The next part of our Titanic Photographic Series will look underneath the Titanic's stern fantail and specifically explore the port propeller. With the collapsing of the fantail area, getting to observe the port propeller is a very tricky and dangerous maneuver for the MIR submersible. Our submersible pilot, Genya Cherniev, is an expert pilot and we were able to get up close to the propeller without any difficulties.The first two pictures takes us directly under the stern fantail and where the rudder once was placed. The middle picture is a panoramic view of the port propeller with two of its three blades exposed. The final two photographs are close-up shots of the propeller that show the prop shaft and a blade of this propeller. Please note in the extreme close-up that the bronze of the blade is very pristine and our submersible lights are reflecting off this blade to show off a golden hue. Another noteworthy observation is that the original red paint and nuts are clearly visible.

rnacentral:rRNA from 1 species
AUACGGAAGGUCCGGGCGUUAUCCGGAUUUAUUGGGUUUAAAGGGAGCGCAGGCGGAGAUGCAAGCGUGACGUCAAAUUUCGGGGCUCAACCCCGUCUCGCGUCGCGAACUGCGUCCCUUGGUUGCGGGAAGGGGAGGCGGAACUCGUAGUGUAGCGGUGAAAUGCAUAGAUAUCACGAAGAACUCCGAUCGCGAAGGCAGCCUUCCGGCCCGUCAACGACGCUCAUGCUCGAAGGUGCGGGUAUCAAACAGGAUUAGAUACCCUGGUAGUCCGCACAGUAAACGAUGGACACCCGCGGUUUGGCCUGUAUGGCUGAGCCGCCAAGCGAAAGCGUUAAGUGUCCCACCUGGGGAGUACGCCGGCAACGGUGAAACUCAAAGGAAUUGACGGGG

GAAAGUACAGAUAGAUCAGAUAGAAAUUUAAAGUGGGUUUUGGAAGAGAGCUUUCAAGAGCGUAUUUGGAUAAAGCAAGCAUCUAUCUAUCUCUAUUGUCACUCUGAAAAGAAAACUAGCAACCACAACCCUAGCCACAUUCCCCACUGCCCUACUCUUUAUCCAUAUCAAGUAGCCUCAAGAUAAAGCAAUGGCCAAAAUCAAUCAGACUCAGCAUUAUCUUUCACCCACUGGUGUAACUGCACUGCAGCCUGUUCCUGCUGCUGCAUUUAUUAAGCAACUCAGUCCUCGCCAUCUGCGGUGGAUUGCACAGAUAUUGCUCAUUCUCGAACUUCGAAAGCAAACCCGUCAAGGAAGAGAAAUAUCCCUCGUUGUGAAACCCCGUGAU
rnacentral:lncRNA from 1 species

To access these new photographs, as well as other Titanic photographs, scientific research paper and accompanying PowerPoint presentation go to our corporate website at http://www.nauticalresearch.com and within the text of this home page select the link entitled Educational Services. This will bring you to our educational page where all this valuable information can be viewed and downloaded for personal use only. I will be placing new photographs from various sections of RMS Titanic every week so you might like to syndicate our site to be notified of the latest news. Next week, we will be publishing the latest photographs from the stern section that will highlight the huge Titanic engines. The size of these engines are truly unbelievable!